- The Washington Times - Friday, May 25, 2001

ORIOLES 6, ANGELS 4

BALTIMORE To say the Anaheim Angels left town late last night in somewhat of a foul mood would be understating the situation. To say the Baltimore Orioles were sorry to see their American League counterparts head out also would be stating the obvious.

Behind another strong home pitching performance from Jason Johnson and another strong offensive showing, the Orioles beat Anaheim 6-4 last night before a crowd much smaller than the 34,555 that was announced at Camden Yards on a makeup date from Tuesday's rainout.

In sweeping the brief two-game series from the Angels, Baltimore won for the seventh time in nine games and moved to two games under the .500 mark with the struggling Texas Rangers coming to town for a four-game series beginning tonight.

The Orioles also sent Anaheim out of town reeling from a series that featured several heated arguments with umpires over beanballs and the strike zone. One day after their starting pitcher was issued a warning after hitting a batter, the Angels had a player and a coach ejected for arguing balls and strikes.

All of which came at the benefit of the Orioles, though Brady Anderson was tossed as well after arguing a called third strike in the eighth inning. Otherwise, Baltimore (22-24) played a near-flawless game.

"There was some intensity in this series, some real intensity," the Angels' David Eckstein said.

Johnson (4-2) continued his dominance at Camden Yards. The 27-year-old right-hander scattered eight hits and three runs over seven innings, striking out five without walking a batter (extending his streak to 16 innings). In six starts at home this season, Johnson is 4-0 with a 1.73 ERA.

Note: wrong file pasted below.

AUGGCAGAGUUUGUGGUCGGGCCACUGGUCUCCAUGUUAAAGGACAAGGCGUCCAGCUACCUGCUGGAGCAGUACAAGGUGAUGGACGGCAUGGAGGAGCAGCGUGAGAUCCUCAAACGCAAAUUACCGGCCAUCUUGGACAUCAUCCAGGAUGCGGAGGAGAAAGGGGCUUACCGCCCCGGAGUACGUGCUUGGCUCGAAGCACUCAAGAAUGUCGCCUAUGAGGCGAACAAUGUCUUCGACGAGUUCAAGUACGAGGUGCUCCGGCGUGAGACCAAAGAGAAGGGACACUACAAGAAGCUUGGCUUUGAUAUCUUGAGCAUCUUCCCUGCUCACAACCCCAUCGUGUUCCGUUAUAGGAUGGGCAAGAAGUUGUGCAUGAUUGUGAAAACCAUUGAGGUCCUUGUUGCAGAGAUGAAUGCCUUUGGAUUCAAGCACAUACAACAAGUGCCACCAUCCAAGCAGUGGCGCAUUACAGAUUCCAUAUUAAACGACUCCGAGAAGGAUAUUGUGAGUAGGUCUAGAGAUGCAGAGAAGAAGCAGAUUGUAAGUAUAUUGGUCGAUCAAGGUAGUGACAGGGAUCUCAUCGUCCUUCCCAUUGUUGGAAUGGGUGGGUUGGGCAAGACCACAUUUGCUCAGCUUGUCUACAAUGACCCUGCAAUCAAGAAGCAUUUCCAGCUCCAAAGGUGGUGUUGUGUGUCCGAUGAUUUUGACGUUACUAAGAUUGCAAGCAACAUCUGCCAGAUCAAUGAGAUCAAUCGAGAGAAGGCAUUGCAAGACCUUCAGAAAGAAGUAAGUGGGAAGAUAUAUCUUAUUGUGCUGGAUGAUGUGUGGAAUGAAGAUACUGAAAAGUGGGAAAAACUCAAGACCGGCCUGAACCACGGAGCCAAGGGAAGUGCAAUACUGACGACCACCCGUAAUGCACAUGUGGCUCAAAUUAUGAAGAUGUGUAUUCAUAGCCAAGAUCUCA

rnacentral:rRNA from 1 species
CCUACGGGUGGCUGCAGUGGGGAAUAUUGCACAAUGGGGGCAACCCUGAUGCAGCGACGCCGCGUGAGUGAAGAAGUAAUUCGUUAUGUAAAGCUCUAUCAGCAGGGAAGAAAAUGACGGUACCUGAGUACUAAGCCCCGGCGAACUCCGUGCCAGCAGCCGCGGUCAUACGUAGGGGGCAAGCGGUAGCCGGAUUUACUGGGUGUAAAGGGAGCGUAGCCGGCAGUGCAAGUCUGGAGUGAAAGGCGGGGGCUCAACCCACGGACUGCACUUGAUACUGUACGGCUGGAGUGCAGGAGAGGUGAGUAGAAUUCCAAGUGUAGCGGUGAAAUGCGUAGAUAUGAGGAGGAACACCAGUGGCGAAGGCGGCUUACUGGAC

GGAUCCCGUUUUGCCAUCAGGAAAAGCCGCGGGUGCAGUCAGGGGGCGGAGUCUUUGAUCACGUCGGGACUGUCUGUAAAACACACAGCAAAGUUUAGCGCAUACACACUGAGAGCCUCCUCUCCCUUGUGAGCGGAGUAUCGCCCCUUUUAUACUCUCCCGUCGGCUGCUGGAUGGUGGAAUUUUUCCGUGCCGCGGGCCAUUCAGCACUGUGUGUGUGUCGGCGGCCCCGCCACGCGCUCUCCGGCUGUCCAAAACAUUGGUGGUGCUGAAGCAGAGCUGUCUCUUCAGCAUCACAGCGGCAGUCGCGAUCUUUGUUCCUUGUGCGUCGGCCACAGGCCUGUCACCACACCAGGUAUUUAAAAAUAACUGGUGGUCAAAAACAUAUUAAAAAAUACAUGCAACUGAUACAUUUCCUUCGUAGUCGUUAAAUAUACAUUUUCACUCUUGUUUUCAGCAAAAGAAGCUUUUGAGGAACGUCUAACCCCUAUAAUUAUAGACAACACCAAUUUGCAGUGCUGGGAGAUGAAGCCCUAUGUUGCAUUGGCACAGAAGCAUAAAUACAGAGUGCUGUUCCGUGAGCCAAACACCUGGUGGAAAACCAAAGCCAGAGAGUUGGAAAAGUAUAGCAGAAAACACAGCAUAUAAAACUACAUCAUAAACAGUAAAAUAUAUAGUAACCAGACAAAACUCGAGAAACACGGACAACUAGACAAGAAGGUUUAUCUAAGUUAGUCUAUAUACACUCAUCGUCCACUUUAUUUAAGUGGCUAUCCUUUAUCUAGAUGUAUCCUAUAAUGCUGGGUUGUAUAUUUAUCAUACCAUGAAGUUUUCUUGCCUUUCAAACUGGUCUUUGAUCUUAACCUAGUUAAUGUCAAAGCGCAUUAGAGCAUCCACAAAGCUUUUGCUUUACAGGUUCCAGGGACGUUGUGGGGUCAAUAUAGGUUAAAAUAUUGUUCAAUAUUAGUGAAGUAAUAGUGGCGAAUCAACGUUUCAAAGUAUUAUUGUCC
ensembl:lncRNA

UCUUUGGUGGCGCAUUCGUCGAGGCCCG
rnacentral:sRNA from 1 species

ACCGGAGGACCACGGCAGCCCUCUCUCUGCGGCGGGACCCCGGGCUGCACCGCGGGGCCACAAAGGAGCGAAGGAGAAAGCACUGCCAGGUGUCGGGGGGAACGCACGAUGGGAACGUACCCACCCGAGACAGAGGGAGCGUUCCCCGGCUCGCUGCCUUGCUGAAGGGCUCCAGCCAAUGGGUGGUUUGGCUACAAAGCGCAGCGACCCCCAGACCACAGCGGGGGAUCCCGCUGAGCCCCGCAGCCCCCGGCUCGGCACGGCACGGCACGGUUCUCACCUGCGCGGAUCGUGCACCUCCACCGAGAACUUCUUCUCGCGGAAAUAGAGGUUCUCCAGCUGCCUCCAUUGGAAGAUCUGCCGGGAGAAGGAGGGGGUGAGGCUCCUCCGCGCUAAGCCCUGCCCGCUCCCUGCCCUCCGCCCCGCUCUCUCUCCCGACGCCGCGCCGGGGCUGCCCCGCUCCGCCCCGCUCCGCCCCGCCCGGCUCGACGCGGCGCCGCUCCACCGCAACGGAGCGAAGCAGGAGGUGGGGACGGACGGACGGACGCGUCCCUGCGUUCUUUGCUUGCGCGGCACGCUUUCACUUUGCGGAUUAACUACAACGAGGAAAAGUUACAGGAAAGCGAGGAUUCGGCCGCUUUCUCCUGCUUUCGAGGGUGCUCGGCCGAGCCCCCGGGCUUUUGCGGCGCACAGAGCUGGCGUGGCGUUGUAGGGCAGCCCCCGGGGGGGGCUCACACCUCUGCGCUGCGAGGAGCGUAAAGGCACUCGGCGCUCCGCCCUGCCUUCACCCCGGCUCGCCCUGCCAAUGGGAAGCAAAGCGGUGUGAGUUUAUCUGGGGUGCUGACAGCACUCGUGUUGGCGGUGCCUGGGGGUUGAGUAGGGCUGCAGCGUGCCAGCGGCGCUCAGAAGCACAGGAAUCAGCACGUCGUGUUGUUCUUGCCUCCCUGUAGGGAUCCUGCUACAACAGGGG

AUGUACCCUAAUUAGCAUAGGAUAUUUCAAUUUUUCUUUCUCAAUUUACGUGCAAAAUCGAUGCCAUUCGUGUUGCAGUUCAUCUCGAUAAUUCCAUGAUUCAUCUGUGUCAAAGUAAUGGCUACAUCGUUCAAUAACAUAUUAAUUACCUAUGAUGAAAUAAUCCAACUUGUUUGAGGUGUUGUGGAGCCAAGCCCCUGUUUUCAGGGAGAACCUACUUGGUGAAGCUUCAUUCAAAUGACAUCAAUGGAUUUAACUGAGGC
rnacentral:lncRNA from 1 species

"I just love pitching here," Johnson said. "I love the stadium, I love the mound. I can't really explain what the difference is, but I'm going to make sure I clear it up and start pitching well on the road, too."

Orioles pitchers again were given plenty of offensive support, this time six runs and 10 hits, continuing the team's recent surge at the plate. Rookie Jay Gibbons provided the big hit: a three-run homer in the bottom of the second off Ramon Ortiz (3-4). Gibbons' 411-foot shot to right-center, the second homer of his career, snapped an 0-for-11 slump.

Jerry Hairston later helped pad Baltimore's lead by launching an RBI triple to the wall in left-center and later scoring on Chris Richard's groundout.

Manager Mike Hargrove's new-look bullpen-by-committee was put to the test. Left-hander Buddy Groom pitched a perfect eighth. Right-hander Mike Trombley walked two and gave up an RBI single to Eckstein in the top of the ninth, forcing Hargrove to bring in lefty B.J. Ryan with two outs. Ryan retired the only batter he faced to end the game and notch his second save.

The game had an ugly tone to it right from the start, when Angels hitting coach Mickey Hatcher was ejected in the middle of the first inning by home plate umpire Bill Welke for arguing a called third strike to Wally Joyner that ended the top of the first.